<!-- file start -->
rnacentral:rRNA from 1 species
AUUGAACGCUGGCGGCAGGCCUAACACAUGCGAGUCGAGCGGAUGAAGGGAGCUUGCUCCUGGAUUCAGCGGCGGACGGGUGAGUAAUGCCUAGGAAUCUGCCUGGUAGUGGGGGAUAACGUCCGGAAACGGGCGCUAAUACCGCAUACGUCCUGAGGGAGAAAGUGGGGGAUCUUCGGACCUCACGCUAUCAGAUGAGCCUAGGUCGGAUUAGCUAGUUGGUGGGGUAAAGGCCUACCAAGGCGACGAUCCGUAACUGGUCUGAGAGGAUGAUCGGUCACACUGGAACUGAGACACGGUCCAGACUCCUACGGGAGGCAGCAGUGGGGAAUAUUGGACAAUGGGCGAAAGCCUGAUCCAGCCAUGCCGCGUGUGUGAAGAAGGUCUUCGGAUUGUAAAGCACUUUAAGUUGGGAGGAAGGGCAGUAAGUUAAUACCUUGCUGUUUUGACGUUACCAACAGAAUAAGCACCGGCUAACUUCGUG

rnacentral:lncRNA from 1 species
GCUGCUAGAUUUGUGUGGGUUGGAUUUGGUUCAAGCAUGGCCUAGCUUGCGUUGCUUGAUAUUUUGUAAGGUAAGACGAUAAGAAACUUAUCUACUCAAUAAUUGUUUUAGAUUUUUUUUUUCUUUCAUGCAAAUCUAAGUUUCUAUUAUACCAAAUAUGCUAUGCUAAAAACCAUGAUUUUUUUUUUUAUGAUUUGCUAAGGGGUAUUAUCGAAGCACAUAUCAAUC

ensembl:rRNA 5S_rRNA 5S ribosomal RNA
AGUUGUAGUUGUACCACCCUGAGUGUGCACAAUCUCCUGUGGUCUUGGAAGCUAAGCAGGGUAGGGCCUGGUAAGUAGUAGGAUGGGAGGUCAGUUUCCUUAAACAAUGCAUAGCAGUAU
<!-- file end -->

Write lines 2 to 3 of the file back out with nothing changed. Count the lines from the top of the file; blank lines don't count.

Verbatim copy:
AUUGAACGCUGGCGGCAGGCCUAACACAUGCGAGUCGAGCGGAUGAAGGGAGCUUGCUCCUGGAUUCAGCGGCGGACGGGUGAGUAAUGCCUAGGAAUCUGCCUGGUAGUGGGGGAUAACGUCCGGAAACGGGCGCUAAUACCGCAUACGUCCUGAGGGAGAAAGUGGGGGAUCUUCGGACCUCACGCUAUCAGAUGAGCCUAGGUCGGAUUAGCUAGUUGGUGGGGUAAAGGCCUACCAAGGCGACGAUCCGUAACUGGUCUGAGAGGAUGAUCGGUCACACUGGAACUGAGACACGGUCCAGACUCCUACGGGAGGCAGCAGUGGGGAAUAUUGGACAAUGGGCGAAAGCCUGAUCCAGCCAUGCCGCGUGUGUGAAGAAGGUCUUCGGAUUGUAAAGCACUUUAAGUUGGGAGGAAGGGCAGUAAGUUAAUACCUUGCUGUUUUGACGUUACCAACAGAAUAAGCACCGGCUAACUUCGUG

rnacentral:lncRNA from 1 species